Like much of King’s own work, many of these books sug­gest a spec­trum, not a chasm, between the lit­er­ary and the com­mer­cial, and many of their writ­ers have found suc­cess with screen adap­ta­tions and Barnes & Noble dis­plays as well as wide­spread crit­i­cal acclaim. For the full range of King’s selec­tions, see the entire list of 96 books at Aero­gramme Writ­ers’ Stu­dio.

You can also find anoth­er list of 82 books rec­om­mend­ed by King here.

Note: An ear­li­er ver­sion of this post appeared on our site in 2014.

Relat­ed Con­tent:

Stephen King Cre­ates a List of 82 Books for Aspir­ing Writ­ers (to Sup­ple­ment an Ear­li­er List of 96 Rec­om­mend Books)

Stephen King’s 20 Rules for Writ­ers

Stephen King’s 22 Favorite Movies: Full of Hor­ror & Sus­pense

Josh Jones is a writer and musi­cian based in Durham, NC. Fol­low him at @jdmagness

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Comments (5)
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  • Deborah S Harmonr says:

    You left out war of the worlds and grapes of wrath and your under the doom plus the girl who loved Tom Gor­don these show strength­en when you have none and to keep try­ing no mat­ter what and best be a fam­i­ly to count on I am an avid read­er hate love sto­ry’s love a good prob­lem to work­out
    T a few bumps in the road helps make you stronger­let your faith be big­ger than
    Your any fear

  • LF Guigon says:

    I don’t think you read the arti­cle. Noth­ing is “left out”. As the arti­cle states, these are books Stephen King said that inspired HIM. And in fact, this is only an excerpt of his list. The arti­cle also redi­rects where you can find all 96 of the books on his list.

  • Reinaldo Perez says:

    Avid read­er & writer fron San Juan PR . ( Span­ish /English ) I read every­thing I bump into on the writ­ing craft . Have fol­lowed the some­what arbi­trary debate on Mr. King’s
    “ lit­er­ary mer­its ” among crit­ics and aca­d­e­mics.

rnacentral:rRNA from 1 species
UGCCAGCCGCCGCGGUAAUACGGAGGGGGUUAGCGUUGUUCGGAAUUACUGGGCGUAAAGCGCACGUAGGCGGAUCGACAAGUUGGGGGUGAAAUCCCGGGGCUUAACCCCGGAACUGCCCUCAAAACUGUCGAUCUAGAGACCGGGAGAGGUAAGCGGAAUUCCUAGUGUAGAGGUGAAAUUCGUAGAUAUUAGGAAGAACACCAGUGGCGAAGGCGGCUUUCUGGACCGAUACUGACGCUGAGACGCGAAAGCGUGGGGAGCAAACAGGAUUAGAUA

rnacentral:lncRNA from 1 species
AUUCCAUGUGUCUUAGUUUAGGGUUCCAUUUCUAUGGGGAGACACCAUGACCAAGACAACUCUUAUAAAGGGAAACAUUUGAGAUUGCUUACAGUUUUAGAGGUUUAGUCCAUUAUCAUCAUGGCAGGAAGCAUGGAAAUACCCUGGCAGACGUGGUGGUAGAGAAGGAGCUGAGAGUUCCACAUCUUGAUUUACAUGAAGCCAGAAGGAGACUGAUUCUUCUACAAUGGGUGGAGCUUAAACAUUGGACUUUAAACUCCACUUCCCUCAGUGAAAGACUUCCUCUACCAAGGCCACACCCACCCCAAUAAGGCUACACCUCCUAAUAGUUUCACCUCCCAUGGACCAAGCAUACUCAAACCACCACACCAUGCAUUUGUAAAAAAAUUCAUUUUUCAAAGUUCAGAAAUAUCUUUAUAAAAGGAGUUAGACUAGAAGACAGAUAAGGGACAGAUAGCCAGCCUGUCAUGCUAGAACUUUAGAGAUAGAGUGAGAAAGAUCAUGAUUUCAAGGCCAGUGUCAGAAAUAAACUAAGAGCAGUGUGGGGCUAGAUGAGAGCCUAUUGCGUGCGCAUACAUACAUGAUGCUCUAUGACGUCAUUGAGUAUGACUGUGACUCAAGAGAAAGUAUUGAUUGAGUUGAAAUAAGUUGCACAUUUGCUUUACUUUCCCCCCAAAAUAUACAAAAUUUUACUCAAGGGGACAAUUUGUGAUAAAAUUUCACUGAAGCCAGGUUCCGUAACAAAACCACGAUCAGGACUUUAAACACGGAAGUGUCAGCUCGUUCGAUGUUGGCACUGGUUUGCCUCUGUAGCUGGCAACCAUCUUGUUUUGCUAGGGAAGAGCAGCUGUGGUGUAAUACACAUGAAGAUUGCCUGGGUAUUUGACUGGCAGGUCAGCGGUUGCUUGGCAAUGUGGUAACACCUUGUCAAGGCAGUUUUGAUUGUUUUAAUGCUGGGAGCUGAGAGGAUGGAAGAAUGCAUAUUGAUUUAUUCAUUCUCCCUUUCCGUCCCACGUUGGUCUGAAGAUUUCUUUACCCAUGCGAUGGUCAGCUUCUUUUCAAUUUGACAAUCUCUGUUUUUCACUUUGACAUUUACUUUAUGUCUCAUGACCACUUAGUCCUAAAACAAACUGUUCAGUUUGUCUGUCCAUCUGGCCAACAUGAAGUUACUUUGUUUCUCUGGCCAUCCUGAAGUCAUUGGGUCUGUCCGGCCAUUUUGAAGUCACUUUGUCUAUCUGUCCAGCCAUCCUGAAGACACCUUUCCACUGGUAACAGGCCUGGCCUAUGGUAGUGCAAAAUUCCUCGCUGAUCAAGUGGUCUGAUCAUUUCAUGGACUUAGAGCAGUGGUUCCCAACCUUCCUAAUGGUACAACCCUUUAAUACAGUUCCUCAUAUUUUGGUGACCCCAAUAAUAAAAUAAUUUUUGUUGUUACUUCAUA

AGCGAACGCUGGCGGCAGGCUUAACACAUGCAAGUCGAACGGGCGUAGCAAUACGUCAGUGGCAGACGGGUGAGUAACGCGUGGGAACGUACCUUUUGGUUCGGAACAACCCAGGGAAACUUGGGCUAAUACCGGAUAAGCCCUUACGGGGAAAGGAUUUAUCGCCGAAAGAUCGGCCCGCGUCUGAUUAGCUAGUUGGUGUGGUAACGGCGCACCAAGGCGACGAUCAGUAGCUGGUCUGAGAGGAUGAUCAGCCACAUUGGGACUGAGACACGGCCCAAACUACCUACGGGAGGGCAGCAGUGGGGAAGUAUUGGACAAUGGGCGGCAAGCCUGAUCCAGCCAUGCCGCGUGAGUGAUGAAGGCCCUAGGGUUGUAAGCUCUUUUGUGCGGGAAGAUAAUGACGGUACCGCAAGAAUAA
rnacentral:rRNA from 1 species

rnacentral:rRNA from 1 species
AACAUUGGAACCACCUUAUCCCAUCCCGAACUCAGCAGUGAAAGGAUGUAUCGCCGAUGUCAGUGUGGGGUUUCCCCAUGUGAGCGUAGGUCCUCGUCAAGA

I respect an admire his crafts­man­ship .

  • Denise Kalmes says:

    I just bought and read Anne Tyler’s “A Patch­work Plan­et” based on King’s # 93 rec­om­men­da­tion. Her sto­ry telling is real­is­tic, so much so that I saw myself as one of the old­er peo­ple call­ing for Rent-A-Back assis­tance. I would hope Barn­a­by would show up for sure. Great rec­om­men­da­tion ! Next one … not sure yet, I will decide and find it today ! By the way, I found this one at Wal­mart for $5.00. No Ama­zon for me.

  • James says:

    There are some inter­est­ing books men­tioned in this arti­cle and the authors sound good as well. Steven King is a good writer and he has writ­ten many great books and sev­er­al of them have become films and maybe some adapt­ed for tele­vi­sion. I like the fan­ta­sy, sci­ence fic­tion, hor­ror and super­nat­ur­al fic­tion gen­res. I also gen­er­al­ly like any good fic­tion such as I also like read­ing his­tor­i­cal fic­tion. There are some books men­tioned in the arti­cle that are pos­si­bly books that I might like to read. I read a lot of books and I have had seen many good ones out there. I like hear­ing about what inspires authors and how they came to write the books they have writ­ten. I am inter­est­ed in insight and the writer’s craft.